Insurance Bulletin, December 2019, Edition 1
In this issue: Regulation and Legislation; Court cases and arbitration; Market developments;
1. Regulation and Legislation
EU: Important Brexit information for UK (re)insurers with any policyholder now resident or established in France
The French insurance regulator, the Autorité de Contrôle Prudentiel et de Resolution (ACPR), has indicated that it will require UK (re)insurers to have appropriate permissions to carry out business in France after Brexit in order to service policyholders who were originally resident or established in the UK but subsequently moved to France.
The ACPR’s position is contrary to a recommendation made by the European Insurance and Occupational Pensions Authority (EIOPA) on how European regulators should deal with the consequences of Brexit.
EIOPA’s recommendation related to a UK (re)insurer which issued a policy to a policyholder (whether an individual or a legal person) which was resident or established in the UK when the policy was issued, but subsequently moved to an EEA state. The recommendation was for a European regulator to view the UK (re)insurer as not having carried out cross-border business when it issued a policy and, presumably, as not needing permission in the relevant EEA state to service the policy following Brexit. However, the ACPR has formally stated that it does not intend to adopt this recommendation.
The Prudential Regulation Authority (PRA) and the Financial Conduct Authority (FCA) are encouraging UK (re)insurers to consider the risks arising from the ACPR’s position, and to take legal advice to ensure that they have the correct permissions in place in France following Brexit. The Insurance teams in HFW’s London and Paris offices are well-placed to advise on this issue, having regularly advised (re)insurers and intermediaries on the consequences of Brexit over the last three years.
2. Court cases and arbitration
England & Wales: Loss of chance revisited
The Supreme Court recently handed down the much anticipated decision in Edwards on behalf of the estate of the late Thomas Arthur Watkins (Respondent) v Hugh James Ford Simey Solicitors (Appellant)1. This case considered the approach to assessing “loss of chance” claims where the Claimant, Mr. Watkins, had lost the opportunity to pursue a claim against a third party due to the negligence of his solicitor.
Mr. Watkins worked as a miner for the National Coal Board in Wales from 1964 to 1985. As a result of using vibratory tools, Mr. Watkins developed Vibration White finger (“VWF”) which, by way of example, can often lead to a sufferer being unable to carry out routine everyday tasks without assistance.
A group of test cases established that British Coal was negligent in not taking steps to limit the exposure of miners to VWF. As a result, a government scheme was set up in 1999 to provide tariff-based compensation to miners. The Scheme’s purpose was to provide quick and efficient compensation and operated in a way which was not akin to a formal piece of commercial litigation. The Scheme provided compensation for: (i) pain, suffering and loss of amenity (“General Damages”); and (ii) for other financial losses such as loss of past and/or future earnings (“Special Damages”). Special damages also included a “services award” for miners who needed assistance in performing routine domestic tasks.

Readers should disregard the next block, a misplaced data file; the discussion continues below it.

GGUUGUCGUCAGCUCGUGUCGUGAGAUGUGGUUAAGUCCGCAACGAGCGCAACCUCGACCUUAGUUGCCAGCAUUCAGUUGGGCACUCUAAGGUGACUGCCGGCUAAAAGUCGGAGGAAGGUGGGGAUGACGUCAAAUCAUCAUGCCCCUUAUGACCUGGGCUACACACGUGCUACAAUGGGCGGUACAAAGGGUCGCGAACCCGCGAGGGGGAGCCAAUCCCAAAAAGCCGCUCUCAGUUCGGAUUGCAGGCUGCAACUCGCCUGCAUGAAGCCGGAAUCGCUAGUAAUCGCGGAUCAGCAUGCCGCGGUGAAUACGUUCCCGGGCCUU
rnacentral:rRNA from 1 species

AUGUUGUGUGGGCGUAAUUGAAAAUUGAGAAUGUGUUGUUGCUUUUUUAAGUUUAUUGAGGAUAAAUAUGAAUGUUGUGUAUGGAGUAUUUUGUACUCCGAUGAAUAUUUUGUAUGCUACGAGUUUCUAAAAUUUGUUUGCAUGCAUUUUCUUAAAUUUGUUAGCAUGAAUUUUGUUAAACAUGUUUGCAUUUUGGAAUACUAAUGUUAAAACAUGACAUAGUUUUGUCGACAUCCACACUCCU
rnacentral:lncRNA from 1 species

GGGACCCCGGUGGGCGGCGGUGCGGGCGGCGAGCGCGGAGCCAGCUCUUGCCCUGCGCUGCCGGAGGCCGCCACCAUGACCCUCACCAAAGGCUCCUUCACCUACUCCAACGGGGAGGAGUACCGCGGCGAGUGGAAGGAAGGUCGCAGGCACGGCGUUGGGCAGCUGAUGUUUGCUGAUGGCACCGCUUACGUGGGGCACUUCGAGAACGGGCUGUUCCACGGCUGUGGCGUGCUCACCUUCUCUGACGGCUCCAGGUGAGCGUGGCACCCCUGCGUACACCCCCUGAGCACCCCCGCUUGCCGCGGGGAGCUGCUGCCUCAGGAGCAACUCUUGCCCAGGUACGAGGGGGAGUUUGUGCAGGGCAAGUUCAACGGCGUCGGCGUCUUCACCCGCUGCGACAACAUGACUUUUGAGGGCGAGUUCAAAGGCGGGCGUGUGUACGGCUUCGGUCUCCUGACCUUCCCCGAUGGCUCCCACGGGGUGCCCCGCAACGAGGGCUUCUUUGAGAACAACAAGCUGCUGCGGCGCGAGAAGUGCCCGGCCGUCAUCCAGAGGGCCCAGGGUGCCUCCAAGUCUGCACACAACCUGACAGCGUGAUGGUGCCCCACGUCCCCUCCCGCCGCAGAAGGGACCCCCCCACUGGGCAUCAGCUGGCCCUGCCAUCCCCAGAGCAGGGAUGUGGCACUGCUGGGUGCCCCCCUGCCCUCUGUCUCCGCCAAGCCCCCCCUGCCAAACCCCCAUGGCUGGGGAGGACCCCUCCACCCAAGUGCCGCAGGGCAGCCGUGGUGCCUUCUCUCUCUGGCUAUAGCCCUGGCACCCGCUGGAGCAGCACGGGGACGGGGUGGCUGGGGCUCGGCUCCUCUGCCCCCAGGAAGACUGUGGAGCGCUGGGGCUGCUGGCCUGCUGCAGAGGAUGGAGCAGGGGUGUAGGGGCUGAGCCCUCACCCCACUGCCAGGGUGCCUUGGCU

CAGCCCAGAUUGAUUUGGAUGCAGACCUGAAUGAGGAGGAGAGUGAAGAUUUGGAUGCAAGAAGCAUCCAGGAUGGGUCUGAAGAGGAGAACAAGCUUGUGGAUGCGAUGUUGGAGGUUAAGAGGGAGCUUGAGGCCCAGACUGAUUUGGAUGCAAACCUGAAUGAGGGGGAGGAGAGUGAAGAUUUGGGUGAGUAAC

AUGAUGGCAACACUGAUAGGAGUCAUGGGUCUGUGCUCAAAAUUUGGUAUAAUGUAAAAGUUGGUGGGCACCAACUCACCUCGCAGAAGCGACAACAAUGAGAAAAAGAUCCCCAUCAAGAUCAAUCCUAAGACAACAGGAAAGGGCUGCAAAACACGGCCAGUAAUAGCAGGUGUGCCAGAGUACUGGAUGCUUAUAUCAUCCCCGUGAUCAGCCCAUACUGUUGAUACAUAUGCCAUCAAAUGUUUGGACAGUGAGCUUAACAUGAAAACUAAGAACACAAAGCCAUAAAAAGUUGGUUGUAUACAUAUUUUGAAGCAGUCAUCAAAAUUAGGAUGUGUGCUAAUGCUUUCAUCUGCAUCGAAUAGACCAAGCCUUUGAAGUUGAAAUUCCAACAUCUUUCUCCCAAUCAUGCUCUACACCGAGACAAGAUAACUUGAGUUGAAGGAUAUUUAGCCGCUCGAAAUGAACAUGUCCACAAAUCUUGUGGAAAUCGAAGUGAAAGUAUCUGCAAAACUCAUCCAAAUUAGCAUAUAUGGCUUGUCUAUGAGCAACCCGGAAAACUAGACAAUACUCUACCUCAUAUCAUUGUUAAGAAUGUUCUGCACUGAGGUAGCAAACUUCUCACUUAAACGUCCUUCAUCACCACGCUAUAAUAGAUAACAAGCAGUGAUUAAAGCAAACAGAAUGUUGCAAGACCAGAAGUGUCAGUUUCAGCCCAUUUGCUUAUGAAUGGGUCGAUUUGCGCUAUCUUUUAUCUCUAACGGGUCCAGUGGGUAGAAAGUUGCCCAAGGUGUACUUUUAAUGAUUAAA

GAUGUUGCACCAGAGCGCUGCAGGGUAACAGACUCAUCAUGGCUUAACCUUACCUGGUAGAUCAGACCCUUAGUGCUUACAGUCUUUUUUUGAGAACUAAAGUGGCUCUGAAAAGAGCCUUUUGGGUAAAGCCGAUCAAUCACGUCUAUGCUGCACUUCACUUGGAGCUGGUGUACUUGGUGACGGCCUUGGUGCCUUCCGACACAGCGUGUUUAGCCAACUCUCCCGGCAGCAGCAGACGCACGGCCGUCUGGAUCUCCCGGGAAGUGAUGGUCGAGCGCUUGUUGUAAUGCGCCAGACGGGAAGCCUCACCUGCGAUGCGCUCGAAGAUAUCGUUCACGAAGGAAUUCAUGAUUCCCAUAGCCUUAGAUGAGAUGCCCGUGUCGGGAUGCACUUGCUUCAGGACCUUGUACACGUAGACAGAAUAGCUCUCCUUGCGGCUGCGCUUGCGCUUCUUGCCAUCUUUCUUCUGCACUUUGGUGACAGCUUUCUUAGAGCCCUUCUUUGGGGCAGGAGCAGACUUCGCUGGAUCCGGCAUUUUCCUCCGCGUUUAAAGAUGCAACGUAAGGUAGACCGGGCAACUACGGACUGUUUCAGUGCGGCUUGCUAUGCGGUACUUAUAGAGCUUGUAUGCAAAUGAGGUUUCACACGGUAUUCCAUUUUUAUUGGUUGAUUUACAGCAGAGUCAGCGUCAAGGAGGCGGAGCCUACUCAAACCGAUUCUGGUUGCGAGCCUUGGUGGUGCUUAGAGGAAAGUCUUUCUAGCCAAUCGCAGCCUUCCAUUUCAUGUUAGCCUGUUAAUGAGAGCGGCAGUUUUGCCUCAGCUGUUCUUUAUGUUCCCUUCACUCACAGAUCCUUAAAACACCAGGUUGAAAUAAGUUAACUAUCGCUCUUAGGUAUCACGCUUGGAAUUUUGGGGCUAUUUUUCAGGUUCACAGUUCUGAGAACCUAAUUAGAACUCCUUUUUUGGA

Mr. Watkins instructed Hugh James Ford Simey solicitors to act for him in order to file a claim under the Scheme. A medical assessment supported Mr. Watkins’ claim for general damages but also for a services award. He was ultimately made a scheme offer that did not, however, include an allowance for a services award. Mr. Watkins accepted that offer but five years later pursued a claim against his former solicitors in negligence in failing to bring a claim for a services award under the Scheme.
At first instance, the court held that had Mr. Watkins been properly advised, he would have rejected the settlement offer and pursued a services claim. However, a medical expert was appointed who found that if Mr. Watkins’ health had been properly evaluated at the time he would not have received any compensation for special damages and a much reduced claim for general damages. His claim therefore failed as he had suffered no loss even though his solicitors had been negligent.
This decision was overturned by the Court of Appeal on two main grounds: (i) the judge should not have conducted a “trial within a trial” to establish the loss which Mr Watkins might have suffered; and (ii) it was wrong to rely upon expert medical evidence which would not have been available at the time the original claim was pursued.
The Court of Appeal’s decision was upheld by the Supreme Court. It followed the decision in Perry v Raleys2 (another VWF miners’ case), where Lord Briggs said, adopting the leading Allied Maples3 decision on loss of chance claims, “For present purposes the courts have developed a clear and common sense dividing line between those matters which the client must prove, and those matters which may be better assessed upon the basis of the evaluation of a lost chance.”
In Watkins, the Supreme Court held that there was no reason why a judge could not conduct a detailed analysis at trial of what the Claimant would have done at the time he lost his chance in order to establish whether there had been a breach of duty by his solicitor which had caused the Claimant to suffer loss (i.e. a “trial within a trial”). However, a “trial within a trial” could not be used to establish the quantum of loss as that required an inquiry into the hypothetical response of third parties by way of an evaluation of the prospects of a particular recovery on a percentage chances of success basis.
In that regard, loss of chance claims are assessed across a spectrum of possible outcomes: i) where there is substantial certainty that the Claimant would have received a benefit from the third party, the Claimant could be fully compensated; ii) where there was less than substantial certainty but more than a negligible chance of compensation the loss is assessed on a percentage basis (e.g. a 40% chance of a recovery); and finally, where the Claimant’s chances of making a recovery were negligible it would lead to no compensation being awarded at all.
The Watkins case did not create new law but importantly re-enforced the decision in Perry. It also found that in this case you could not rely upon medical evidence which was not available at the time the claim was lost to re-assess what recovery might have been achieved had a claim been put into the Scheme.